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When the Ingestion Event Marker (IEM) - a sensor the size of a sand particle - is swallowed with pills or other medications (or manufactured into them), it interacts with stomach fluid to send a signal confirming ingestion.
A patch on the patient's skin collects this information as well as other measurements like heart rate, body position and level of activity, explained the device's maker, California-based Proteus Digital Health, in a statement earlier this week.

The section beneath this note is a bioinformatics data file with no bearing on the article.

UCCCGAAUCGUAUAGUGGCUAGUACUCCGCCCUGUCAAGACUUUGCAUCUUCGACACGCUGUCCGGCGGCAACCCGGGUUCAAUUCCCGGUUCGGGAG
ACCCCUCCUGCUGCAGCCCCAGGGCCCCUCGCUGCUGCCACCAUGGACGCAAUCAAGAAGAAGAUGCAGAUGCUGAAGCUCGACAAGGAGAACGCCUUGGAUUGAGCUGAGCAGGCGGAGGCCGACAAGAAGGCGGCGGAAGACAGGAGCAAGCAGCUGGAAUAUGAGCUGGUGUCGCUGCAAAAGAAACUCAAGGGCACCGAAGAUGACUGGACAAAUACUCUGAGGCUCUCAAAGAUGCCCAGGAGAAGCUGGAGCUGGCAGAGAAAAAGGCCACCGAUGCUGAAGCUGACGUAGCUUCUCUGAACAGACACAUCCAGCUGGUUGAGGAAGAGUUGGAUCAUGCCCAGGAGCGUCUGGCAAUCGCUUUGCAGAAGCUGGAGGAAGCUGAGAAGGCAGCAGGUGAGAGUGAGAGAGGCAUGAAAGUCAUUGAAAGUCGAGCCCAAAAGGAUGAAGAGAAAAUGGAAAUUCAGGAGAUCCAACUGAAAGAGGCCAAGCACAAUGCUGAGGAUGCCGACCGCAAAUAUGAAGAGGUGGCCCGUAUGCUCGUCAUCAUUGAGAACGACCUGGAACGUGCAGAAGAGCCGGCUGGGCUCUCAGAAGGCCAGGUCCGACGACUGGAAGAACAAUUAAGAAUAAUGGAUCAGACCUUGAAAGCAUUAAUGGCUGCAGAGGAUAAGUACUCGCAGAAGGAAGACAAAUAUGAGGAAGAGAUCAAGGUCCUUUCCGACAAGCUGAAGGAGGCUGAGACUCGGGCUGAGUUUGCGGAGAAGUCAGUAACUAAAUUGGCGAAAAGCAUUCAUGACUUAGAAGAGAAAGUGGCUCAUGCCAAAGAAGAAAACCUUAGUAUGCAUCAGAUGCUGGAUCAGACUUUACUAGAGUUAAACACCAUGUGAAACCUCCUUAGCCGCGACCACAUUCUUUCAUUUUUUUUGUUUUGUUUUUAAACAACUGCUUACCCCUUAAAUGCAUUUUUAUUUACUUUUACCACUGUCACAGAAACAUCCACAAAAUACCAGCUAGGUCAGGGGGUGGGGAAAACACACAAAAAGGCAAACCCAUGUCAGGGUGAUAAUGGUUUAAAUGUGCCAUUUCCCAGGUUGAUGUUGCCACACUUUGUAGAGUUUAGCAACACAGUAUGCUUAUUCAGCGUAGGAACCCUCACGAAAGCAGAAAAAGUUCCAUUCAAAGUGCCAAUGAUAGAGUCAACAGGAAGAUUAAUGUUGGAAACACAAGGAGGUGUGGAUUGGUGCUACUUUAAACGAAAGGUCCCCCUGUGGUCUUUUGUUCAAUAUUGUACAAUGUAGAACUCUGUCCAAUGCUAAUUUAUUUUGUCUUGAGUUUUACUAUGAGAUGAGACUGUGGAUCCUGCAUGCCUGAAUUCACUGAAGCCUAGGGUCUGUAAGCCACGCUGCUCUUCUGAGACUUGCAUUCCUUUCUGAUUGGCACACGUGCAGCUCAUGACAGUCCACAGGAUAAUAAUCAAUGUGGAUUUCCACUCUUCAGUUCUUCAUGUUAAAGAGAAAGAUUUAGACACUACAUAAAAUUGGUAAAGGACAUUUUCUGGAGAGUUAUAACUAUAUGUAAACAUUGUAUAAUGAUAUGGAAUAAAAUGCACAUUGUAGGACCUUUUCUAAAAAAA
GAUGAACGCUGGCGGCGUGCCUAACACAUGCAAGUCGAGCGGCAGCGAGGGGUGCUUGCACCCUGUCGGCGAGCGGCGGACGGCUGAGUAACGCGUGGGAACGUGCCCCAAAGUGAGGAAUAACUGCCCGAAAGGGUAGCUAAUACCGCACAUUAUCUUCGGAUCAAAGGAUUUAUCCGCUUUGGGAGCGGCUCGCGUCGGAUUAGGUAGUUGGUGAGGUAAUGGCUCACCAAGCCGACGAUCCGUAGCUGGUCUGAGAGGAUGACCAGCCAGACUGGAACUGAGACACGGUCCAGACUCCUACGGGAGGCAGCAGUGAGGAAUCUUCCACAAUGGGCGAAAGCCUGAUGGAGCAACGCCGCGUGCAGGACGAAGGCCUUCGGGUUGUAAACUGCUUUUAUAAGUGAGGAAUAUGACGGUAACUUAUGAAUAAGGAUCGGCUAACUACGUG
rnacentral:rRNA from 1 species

The information is made available to doctors (with the patient's consent), who can use it to gauge how well patients are sticking to and responding to treatment.
One doctor thinks this is the future of medicine.
"Directly digitizing pills, for the first time, in conjunction with our wireless infrastructure, may prove to be the new standard for influencing medication adherence and significantly aid chronic disease management," Eric Topol, of the Scripps Research Institute, said in the statement.
Proteus said the device has already received approval in Europe.